Tech Life Most start-ups fail


Max was a mess. We were on our third mojito at The Basin in Saratoga when it just came pouring out of him. The last 72 hours involved:

  • Two days in Los Angeles babysitting a customer’s data center
  • Four hours of sleep
  • Two huge arguments with his wife on the cell phone
  • A marathon conference call with his boss, which resulted in a new trip to Chicago in two days

The mojitos might’ve been talking, but it sounded like Max was sure that his wife was going to leave him; his company was about to crumble; and he was 12 hours and one plane flight from a nervous breakdown.

He said, “Shipping a 1.0 product isn’t going to kill you, but it will try”.

Understanding 1.0

In your career as a software developer, you’re going to be screwed at some point. I’ve got you covered there. Start here, keep thinking, don’t yell, treat those you work with decently, and you’ll be fine. It’s valuable experience, but it’s nothing compared to 1.0.

1.0 is developing the first version of a new product. It’s what all those start-ups are busily doing right now. They’re working on some 1.0 idea that’s good enough that a handful of bright people will forgo their lives in support of the chance of being right… SEE, we had a great idea… We’re bazillionaires and we were right.

Most of those start-ups fail.

Before Fucked Company, failing was a quiet, somber thing. The dot-com explosion made colossal flame-outs front page news and everyone discovered what most of us already knew.

Really. Most start-ups fail.


To understand the difficulty of 1.0, I need to give you a model for understanding how a 1.0 software product actually shows up. I’ve designed just such a model by heavily borrowing for a theory known as Maslow’s Hierarchy of Needs, which is worth talking about all by its lonesome.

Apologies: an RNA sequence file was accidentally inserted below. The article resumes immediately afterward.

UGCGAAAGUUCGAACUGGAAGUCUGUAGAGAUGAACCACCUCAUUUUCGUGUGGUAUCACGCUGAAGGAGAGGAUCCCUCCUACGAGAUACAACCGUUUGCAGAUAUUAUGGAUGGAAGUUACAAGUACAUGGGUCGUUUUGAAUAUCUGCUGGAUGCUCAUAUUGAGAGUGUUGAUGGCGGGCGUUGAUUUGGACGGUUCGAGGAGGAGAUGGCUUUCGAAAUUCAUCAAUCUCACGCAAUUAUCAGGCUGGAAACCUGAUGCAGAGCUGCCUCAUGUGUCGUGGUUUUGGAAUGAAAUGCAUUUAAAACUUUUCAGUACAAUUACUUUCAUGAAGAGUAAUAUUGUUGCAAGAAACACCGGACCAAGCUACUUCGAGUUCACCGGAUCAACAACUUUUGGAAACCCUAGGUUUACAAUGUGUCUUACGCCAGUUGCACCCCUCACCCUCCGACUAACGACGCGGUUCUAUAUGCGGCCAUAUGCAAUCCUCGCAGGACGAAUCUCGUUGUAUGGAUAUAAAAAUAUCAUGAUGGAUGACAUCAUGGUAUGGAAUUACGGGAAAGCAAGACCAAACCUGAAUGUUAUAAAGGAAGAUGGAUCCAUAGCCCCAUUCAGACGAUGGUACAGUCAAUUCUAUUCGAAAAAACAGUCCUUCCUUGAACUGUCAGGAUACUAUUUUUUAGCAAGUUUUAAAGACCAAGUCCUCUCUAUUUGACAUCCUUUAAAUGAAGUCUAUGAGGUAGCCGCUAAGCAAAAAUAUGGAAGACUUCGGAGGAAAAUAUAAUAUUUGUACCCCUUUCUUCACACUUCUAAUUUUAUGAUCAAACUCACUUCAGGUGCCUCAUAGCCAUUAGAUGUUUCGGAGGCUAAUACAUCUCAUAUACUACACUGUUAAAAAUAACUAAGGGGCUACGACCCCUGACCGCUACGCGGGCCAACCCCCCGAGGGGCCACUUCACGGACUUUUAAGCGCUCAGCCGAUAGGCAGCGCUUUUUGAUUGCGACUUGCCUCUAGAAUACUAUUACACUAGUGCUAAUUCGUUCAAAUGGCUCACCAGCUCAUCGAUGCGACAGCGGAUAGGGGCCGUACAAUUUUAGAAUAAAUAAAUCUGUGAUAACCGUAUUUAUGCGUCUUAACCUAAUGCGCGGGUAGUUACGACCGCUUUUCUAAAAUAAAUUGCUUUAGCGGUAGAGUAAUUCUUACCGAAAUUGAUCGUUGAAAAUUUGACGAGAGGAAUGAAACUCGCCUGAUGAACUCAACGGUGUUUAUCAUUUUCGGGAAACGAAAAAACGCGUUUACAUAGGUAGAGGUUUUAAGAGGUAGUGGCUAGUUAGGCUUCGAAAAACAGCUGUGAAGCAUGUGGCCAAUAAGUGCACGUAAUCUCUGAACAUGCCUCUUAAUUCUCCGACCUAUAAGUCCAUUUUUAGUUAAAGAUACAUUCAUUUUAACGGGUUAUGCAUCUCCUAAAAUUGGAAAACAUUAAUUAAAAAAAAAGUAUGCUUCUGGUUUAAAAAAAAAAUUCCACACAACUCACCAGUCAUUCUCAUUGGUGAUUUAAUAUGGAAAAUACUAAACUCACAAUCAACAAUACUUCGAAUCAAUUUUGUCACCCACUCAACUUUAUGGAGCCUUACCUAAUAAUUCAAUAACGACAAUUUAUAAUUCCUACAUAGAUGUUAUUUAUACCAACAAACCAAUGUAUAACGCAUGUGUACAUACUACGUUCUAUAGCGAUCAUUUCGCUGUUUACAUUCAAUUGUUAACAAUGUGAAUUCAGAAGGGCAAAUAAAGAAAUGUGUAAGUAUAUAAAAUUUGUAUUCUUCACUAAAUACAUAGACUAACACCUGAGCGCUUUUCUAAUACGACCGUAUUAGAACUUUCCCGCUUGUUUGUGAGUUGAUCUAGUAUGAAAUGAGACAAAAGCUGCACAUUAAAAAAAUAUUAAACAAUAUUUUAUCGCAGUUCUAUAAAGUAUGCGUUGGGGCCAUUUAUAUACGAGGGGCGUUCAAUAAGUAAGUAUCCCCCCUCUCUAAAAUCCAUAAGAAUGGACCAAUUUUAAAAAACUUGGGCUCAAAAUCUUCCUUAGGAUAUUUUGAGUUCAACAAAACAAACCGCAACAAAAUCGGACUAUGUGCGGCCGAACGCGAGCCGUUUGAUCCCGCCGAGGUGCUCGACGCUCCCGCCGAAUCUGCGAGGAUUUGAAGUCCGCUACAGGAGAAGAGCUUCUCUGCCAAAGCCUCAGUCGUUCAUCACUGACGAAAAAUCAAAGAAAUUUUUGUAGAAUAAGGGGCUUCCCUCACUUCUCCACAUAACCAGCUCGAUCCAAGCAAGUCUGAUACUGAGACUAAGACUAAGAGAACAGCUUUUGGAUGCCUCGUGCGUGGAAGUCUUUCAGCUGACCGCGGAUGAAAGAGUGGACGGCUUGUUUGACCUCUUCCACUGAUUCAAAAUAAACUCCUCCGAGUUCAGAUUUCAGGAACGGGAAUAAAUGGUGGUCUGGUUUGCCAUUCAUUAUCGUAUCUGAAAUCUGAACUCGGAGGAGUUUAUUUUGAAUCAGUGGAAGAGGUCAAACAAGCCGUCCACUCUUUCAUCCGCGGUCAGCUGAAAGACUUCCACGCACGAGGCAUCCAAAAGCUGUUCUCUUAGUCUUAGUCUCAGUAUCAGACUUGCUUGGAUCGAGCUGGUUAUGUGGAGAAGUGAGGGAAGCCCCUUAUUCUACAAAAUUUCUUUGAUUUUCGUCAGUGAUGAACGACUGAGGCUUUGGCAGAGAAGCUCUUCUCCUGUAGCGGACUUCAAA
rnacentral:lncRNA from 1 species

Maslow’s theory contends that as humans meet their basic needs, they seek to satisfy successively higher needs that occupy a set hierarchy that looks like this:


At the bottom of the pyramid is the biggest area of need: physiological needs. These are the basics: food, drink, air, sleep, etc. The idea is that you won’t be able to focus on anything else in the hierarchy if these needs aren’t met. Think of it like this: who cares about falling in love if you can’t breathe?

Moving up the hierarchy, you have safety needs, love/belonging, esteem, and, finally, the oddly named self-actualization tip of the pyramid, which is our instinctual need to make the most of our unique abilities. Translation: writers write, singers sing.

There’s a fine entry in Wikipedia regarding Maslow’s Hierarchy if I’ve piqued your interest. Personally, as a manager of humans, I stare at the hierarchy when dealing with folks on the edge. The Hierarchy gives me insight into where exactly a person is stressing out. Are they in need of career advice? (Easy) Or do they need marriage advice? (Harder)

Rands 1.0 Hierarchy